Waking up in the same home where I spent all eighteen years of my childhood brings with it an elusive longing that I’ve never been able to name. But it’s always there when I return, especially now as a parent. Maybe part of it comes with the desire to connect my children to the best parts of me.

Maybe it's that I want them to know no matter where they land in life, they will always be connected to something bigger than just their individual story.

The familiarity of place triggers so many emotions. It’s like randomly hearing a song on the radio from ninth grade or smelling mulch when you’re landscaping, bringing you back to summer camp. You may not even have a specific memory associated with the trigger, but there’s just something that reminds your senses that these were precious times.

This is what returning home is like.
A series of those moments.
Connecting me to the past as I lean into how it’s shaping my future.

I was built with a sense of adventure by spending weekends sleeping on a boat and learning to water ski in the Thousand Islands. I experienced the itch for freedom in the open ocean jumping waves in a dingy with my brothers and two family friends during summer trips to Cape Cod. I learned that nine people and two dogs sleeping on a 27-foot Sea Ray have just as much fun in Nantucket as those who flew on their private jets to get there.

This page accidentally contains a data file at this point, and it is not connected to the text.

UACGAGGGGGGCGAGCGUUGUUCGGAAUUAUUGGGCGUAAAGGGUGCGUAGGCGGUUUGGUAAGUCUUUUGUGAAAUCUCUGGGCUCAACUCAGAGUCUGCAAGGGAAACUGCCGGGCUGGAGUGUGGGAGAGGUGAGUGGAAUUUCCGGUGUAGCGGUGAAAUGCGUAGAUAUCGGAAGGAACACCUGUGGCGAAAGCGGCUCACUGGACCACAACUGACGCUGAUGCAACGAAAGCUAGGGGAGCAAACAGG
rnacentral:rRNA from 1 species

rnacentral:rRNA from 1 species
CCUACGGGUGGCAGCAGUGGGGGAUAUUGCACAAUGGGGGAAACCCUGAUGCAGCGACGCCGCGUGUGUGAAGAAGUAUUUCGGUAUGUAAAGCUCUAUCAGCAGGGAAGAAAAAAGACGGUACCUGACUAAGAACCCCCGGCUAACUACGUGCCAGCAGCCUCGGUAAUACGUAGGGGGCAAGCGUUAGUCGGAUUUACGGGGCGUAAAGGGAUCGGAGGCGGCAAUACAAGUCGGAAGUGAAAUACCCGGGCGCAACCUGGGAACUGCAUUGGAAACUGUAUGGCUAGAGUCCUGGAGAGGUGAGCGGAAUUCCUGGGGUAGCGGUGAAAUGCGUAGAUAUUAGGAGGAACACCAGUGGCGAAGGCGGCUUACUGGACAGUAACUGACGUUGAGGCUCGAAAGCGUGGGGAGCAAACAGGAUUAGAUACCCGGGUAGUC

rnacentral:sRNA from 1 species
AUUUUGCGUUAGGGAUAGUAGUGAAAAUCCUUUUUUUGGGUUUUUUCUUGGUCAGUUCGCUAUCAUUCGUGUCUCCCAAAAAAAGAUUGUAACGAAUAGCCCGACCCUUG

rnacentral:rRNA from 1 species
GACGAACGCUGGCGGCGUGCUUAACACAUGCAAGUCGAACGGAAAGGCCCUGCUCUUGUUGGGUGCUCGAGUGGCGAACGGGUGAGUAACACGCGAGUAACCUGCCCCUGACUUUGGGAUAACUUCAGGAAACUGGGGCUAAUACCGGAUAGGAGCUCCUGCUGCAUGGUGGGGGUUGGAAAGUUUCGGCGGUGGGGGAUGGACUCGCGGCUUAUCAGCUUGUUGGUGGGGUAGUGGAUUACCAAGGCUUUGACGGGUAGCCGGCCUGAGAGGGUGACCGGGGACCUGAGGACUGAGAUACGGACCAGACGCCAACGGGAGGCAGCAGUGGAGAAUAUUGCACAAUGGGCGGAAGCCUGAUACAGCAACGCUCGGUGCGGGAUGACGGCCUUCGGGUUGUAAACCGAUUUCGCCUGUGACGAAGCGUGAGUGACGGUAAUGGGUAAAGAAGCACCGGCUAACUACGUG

I learned from my parents that taking spiritual leaps from the traditions you grew up in is difficult and painful for both you and those who love you. It’s a free fall of trusting God and finding grace. And in the end, those that love you will still love you because that is the beauty of a God-built family.

While church culture later awakened a cynicism in me that I can still struggle with, those first years of my life stirred a longing to know God that has never changed, even through faith shifts.

I was gifted with life-giving friendships with people that I still love dearly. They are the rare kind that stick with you beyond each life season. I’m well-aware that friendships can be seasonal, and making forever friends that strive to continue to “get you” through all the changes are invaluable.

These were the years when I was fearless. Whether it was speaking random thoughts in youth group, leading worship as a girl that probably shouldn’t be singing in front of others or giving testimony on missions trips that were translated into Chinese, I just knew that God was moving and I wanted to move with him regardless of whether I looked silly doing it.

My childhood taught me an awful lot about what it means to love and walk beside others. There was so much safety in that space. It wasn't free from hardships, but the type of security that comes with the knowledge that no matter what happened, I was loved. By God. By those whose stories were weaved in with my own. I was knitted into something bigger than myself. I had a role to play and was acquiring the tools I needed to play it well.

We all were.